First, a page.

In his final performances with the Lucerne Festival Orchestra in August 2013, Claudio Abbado conducted Anton Bruckner's unfinished Symphony No. 9 in D minor, and this recording is drawn from the best takes from those concerts. Considering that this rendition came near the end of Abbado's life and stands as a worthy testament to his achievements, it's easy to read too much into the interpretation, and to view it as a mystical or transcendent reading because of the circumstances. On the one hand, Abbado's understanding of this symphony was as thorough as any conductor's, and the Lucerne musicians played with seriousness and dedication, offering a version that has impressive power and expressive depth. On the other hand, there are many competitive recordings that either match Abbado's for strength and feeling, or surpass it in purely technical terms of sound quality and reproduction. Certainly the sound is exceptional, according to Deutsche Grammophon's high standards, and this stereo recording is exceptionally clean and noise-free.
Precious few countries can boast of a Christmas repertoire as ample and colourful as that possessed by the Czech Republic. The Baroque era imbued the texts of songs with enchanting, tender poetics with awestruck yet perplexed shepherds enthusing about the beautiful infant Jesus. Later on, a growing number of formally more complex pieces (pastorales) were written, most of them taking the form of arias or duets with instrumental accompaniment. A notable composer in this respect was Josef Antonín Sehling. Although still anchored in the Baroque world, he paved the way for the accession of a new musical style. He studied in Vienna and subsequently worked in Prague as a member of Count Václav Morzins renowned orchestra and as second violin at Saint Vitus Cathedral, although standing in as Kapellmeister over the long term (an interesting parallel can be drawn with Zelenka, the counter-bassist at the court orchestra in Dresden). Sehling was Kapellmeister of several Prague churches, including the Church of Our Lady under the Chain, where the present world premiere recording was made.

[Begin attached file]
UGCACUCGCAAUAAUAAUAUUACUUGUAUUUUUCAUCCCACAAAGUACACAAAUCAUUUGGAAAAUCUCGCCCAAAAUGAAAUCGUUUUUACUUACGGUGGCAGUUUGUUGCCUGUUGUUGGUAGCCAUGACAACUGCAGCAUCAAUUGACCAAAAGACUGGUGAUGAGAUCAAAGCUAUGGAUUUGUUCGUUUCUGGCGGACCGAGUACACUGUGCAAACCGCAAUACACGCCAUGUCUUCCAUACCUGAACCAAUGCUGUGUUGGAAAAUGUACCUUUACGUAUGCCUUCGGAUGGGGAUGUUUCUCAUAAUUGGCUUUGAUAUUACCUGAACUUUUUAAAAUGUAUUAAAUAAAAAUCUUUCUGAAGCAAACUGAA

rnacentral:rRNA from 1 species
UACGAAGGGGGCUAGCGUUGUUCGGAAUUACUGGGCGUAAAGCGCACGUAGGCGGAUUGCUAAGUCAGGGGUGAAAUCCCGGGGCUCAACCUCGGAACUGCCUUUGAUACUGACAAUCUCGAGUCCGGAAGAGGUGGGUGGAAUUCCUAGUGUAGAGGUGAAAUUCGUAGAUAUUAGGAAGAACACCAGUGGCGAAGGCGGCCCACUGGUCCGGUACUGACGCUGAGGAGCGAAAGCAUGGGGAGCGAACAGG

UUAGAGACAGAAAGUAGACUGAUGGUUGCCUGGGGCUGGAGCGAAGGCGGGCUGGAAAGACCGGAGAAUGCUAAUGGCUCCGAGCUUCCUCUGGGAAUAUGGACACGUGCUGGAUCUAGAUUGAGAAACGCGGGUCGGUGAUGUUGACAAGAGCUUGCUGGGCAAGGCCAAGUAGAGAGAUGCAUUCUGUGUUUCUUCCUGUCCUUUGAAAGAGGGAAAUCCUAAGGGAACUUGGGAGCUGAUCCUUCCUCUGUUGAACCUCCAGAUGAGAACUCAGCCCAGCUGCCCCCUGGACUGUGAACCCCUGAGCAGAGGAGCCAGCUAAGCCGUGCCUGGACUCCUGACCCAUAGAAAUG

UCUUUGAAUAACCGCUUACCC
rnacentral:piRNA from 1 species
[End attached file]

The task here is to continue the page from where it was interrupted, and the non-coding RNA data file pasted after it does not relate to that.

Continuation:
The creation of Daphne was not a simple affair, especially for what concerned the poetic text (due to the modest talent of the librettist Joseph Gregor), but on 15th October 1938 the opera was finally premièred at Dresden’s Staatstheater. On the podium was the young conductor Karl Böhm. Daphne is a masterpiece of early 20th-century vocal music. Structured in a single act, this opera is a solid work with a rich musical vein. Strauss’s orchestration appears, as always, remarkably refined. The vocal writing is demanding for all the main characters, but especially so for the protagonist, here interpreted by a magnificent June Anderson. Filmed in high definition at Venice’s La Fenice, the present production is directed by Paul Curran.